Patrick Ness’s The Knife of Never Letting Go

After reading that review of Patrick Ness’s The Knife of Never Letting Go I requested an ARC from the publisher. I casually started reading it and then was unable to stop till I was done. Boy oh boy; it is one hell of a read.

The Knife of Never Letting Go is a dystopic novel involving settlers who created a New World because they wanted a simpler life (a la those Mayflower passengers of our yore).  According to Todd, the last boy of the settlement of Prentisstown, years earlier an illness resulted in all males being able to hear each others’ thoughts.  This Noise, a brilliant concept, is superbly evoked by Ness in all its hellishness.  Without really understanding quite why Todd is forced to flee Prentisstown, the only place he has ever known, with his dog Manchee.  (And, by the way, Ness’s presentation of the Noise of animals is absolutely amazing.)  Todd’s resulting journey is harrowing, moving, disturbing, and enthralling. One of Ness’s many literary feats is the way physical hardships mirror the emotional ones.  Another is the idea of knowing an individual’s thoughts without the Noise.  Another is the idea of manhood.  Another is…well, I’ll stop now. This is one heck of a coming-of-age novel, I can tell you.

A few warnings: it is violent and raw,  there are deaths (some are very upsetting), and it ends on a huge HUGE cliffhanger (as this is evidently the first book in the Chaos Walking series).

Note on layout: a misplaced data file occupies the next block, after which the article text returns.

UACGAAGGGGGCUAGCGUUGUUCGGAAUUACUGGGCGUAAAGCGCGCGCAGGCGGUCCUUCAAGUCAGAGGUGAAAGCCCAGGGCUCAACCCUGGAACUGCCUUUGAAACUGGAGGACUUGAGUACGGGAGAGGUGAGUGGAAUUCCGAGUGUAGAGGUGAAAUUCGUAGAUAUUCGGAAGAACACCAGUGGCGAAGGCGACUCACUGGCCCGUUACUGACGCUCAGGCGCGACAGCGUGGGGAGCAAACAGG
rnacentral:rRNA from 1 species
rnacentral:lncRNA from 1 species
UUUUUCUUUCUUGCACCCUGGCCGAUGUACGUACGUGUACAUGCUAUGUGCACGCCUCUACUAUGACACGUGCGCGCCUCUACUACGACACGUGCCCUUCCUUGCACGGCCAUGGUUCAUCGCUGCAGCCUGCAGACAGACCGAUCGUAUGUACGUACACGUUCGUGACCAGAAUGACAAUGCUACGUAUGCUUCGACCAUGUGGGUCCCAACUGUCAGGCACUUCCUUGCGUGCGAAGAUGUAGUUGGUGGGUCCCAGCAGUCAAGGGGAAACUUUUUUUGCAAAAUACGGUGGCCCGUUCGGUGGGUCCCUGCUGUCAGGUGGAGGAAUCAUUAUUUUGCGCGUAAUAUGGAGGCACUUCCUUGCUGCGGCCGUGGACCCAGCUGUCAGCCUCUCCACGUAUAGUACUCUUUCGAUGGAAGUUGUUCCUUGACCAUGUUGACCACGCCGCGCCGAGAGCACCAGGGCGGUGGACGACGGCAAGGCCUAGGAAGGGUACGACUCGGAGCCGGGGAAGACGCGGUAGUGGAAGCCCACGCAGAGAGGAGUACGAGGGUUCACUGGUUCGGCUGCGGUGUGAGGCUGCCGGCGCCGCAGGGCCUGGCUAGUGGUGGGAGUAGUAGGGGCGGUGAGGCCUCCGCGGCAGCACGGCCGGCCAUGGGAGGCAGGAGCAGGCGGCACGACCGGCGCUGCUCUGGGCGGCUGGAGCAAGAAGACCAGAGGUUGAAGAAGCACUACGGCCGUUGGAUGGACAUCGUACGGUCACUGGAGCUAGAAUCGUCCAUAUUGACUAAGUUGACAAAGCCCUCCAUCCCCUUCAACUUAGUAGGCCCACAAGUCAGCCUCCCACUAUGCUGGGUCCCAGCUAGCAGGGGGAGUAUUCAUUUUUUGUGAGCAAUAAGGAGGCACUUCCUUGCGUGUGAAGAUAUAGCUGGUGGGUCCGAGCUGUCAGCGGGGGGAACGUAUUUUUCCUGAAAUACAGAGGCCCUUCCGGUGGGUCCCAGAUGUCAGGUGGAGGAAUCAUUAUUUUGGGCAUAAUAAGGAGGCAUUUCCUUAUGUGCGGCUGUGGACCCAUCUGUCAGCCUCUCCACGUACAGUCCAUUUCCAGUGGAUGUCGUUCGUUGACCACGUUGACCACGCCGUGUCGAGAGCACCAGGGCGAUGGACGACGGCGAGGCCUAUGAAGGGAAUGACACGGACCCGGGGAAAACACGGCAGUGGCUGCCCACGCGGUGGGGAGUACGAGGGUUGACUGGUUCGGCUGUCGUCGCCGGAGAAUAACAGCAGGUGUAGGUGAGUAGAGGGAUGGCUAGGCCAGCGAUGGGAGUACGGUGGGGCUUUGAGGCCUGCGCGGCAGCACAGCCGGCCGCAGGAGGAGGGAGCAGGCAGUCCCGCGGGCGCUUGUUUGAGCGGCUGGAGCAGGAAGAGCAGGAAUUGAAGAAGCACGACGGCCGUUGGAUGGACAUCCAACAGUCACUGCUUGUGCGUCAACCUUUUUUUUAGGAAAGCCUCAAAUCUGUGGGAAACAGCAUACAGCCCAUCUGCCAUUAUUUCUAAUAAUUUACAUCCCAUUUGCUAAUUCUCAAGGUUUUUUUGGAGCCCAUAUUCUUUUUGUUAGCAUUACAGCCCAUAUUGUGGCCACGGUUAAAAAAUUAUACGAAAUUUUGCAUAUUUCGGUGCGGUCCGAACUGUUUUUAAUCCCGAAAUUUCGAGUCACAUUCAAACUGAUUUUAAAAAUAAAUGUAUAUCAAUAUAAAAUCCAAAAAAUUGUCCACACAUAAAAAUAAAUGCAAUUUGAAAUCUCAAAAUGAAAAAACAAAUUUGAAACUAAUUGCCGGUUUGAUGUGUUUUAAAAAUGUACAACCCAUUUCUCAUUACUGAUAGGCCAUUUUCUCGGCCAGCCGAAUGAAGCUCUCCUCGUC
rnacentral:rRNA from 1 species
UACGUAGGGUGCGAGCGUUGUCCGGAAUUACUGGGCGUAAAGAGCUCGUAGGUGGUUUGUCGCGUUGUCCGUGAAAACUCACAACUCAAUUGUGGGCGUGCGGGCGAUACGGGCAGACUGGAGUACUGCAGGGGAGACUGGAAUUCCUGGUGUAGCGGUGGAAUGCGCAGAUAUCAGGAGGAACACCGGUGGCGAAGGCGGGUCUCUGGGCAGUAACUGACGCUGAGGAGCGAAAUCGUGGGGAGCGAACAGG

Filed under YA

7 responses to “Patrick Ness’s The Knife of Never Letting Go

  1. I’m glad Boyce was right about the book at least :)


  2. Pingback: Knife novel wins Guardian children’s fiction prize « educating alice

  3. Donna MacKinney

    I agree that with is an astounding book. I was so angry once in the middle (trying not to spoil) and again at the end that I had to restrain myself from screaming ‘NOOOOOOOO!”

    I noted your wondering on a listserv as to whether it might be a Newbery candidate…I can’t imagine handing this book to an elementary school student. Am I being too squeamish?


  4. I think Ness is American meaning the book would be eligible, but the violence makes me think it would be out of Newbery range (0 – through age 14).


  5. Pingback: Cargnegie Shortlist 2009 « educating alice

  6. Pingback: Patrick Ness’s The New World: A Story of Chaos Walking 1 « educating alice

  7. Vous l’avez fait, il est divertissant et passionnant, Bravo et encore�!


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